“This is the well-known TV celebrity?” I asked.

“No, this is someone else,” said Chris.

Bury the gun?” I asked.

“I’d told him You need to get rid of that gun.”

“How had he got the gun?” I asked.

“I don’t know,” replied Chris. “You buy them off people, don’t you? It was a 9mm Beretta. So all this is going on and I’m thinking about coming to talk to you.”

“What was the man with the Beretta doing?” I asked.

“He was worried that he was going to kill himself or someone else – and that’s why this other bloke is on the floor, smashed out of his head on Xanax, trying to get me Xanax on Old Compton Street. So that’s been my day. So if I’m a little bit… confused… that’s… My! But aren’t those scones lovely? Look at that clotted cream!”

“So what about your gig in Swansea this week?” I asked.

“A man I met in a rehab centre years ago,” explained Chris. “Richard Griffiths…”

Richard Griffiths?” I asked.

“No,” said Chris. “Not that one. Another Richard Griffiths – he’s hilarious, but he’s too scared to do stand-up… He’s created a fan base… Aren’t these scones just amazing? Did you have some of the clotted cream?”

“Yes,” I said. “It was amazing.”

“You didn’t under-do it, did you?” Chris asked me. “Because your doctor told you to?”

“I don’t think I’ve ever talked to him about clotted cream,” I said.

“Fuck your doctor!” said Chris. “You are going to die… If he told you to have less clotted cream, then have more. It’s clotted cream. It’s not heroin… When you write this in your blog, stress that I do not think addiction is funny. It can lead to humour, but ultimately it’s a painful and selfish problem and hurts many people, not only the user.”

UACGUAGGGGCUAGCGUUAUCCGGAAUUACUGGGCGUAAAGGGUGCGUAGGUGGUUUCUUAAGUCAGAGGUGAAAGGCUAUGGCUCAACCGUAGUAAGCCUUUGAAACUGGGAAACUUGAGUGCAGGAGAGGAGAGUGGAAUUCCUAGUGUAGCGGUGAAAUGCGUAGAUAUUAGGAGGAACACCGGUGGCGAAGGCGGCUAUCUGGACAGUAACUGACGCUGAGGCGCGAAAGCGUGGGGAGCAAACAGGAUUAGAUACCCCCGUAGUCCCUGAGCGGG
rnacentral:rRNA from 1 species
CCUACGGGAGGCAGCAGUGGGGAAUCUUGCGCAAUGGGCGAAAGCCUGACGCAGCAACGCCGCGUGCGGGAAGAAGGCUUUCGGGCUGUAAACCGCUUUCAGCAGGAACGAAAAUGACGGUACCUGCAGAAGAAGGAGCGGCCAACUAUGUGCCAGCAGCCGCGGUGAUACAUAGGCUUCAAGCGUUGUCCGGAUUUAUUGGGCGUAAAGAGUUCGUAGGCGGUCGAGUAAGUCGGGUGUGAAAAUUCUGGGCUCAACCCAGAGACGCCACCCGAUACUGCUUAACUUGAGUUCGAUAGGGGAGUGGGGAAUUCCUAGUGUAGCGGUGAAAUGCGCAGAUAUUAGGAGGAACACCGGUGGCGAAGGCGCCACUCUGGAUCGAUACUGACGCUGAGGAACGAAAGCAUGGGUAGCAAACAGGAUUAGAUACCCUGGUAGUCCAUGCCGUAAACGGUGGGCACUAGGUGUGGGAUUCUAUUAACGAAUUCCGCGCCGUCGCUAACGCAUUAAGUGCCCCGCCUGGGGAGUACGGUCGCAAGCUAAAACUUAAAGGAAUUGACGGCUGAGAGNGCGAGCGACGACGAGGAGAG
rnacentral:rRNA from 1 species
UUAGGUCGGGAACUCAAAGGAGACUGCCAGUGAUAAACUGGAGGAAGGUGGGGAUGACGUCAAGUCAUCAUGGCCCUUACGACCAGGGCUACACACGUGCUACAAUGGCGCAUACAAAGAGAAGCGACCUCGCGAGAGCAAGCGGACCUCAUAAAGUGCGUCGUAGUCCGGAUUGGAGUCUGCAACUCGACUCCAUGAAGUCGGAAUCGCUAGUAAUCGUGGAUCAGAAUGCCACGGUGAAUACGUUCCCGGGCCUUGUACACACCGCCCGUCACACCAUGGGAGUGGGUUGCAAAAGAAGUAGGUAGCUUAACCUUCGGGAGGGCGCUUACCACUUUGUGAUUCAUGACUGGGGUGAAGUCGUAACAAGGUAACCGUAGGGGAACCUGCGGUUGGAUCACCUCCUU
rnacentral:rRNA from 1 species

“I will remember to include that bit,” I told Chris.

“Richard Griffiths has created a fan base for me in Swansea,” Chris continued. “I used to have videos on YouTube but I took them off because I didn’t want people to see my very old stuff and I’m a very different comic now and, if you want to see me, then pay to see me live on stage. It’s worth paying the money. I’m a better comic live. Most comedy is.”

“So Richard Griffiths has created a fan base for you…” I prompted.

“Yeah, by projecting old YouTube videos in pubs and by inviting people along to see Chris Dangerfield ‘virtual’ gigs in Swansea. So he asked me Will you come down to Swansea and do a gig? and I said Absolutely not – It’s miles and miles away, there’ll be seven people there, you’ve never promoted a gig before and No No No.

“And he said What about if I can guarantee 300 tickets sold at £10 and we go thirds on that, I give a little bit to charity and I pay you in advance? And I said Ye-e-e-es. And he asked Will Trevor Lock come down and be your support act? and I said Yes, so, after charity and things, it works out at about £900 to go and do my Sex Tourist show in Swansea.”

“Sounds good,” I said.

“As far as I know,” Chris told me, “the money went through today and we are driving down to the arse end of Swansea on Friday – I can’t even pronounce it – the Cwmfelin Club in Cwmbwrla – a working men’s club. Usually they have bingo on, but this week they have my Sex Tourist show and they’ve been told I’m the best live performer in Britain at the moment and that I’m going into rehab at the weekend, which they seem to love. Richard said ticket sales went up by 100% when people found out I’m getting de-toxed the day after the gig.”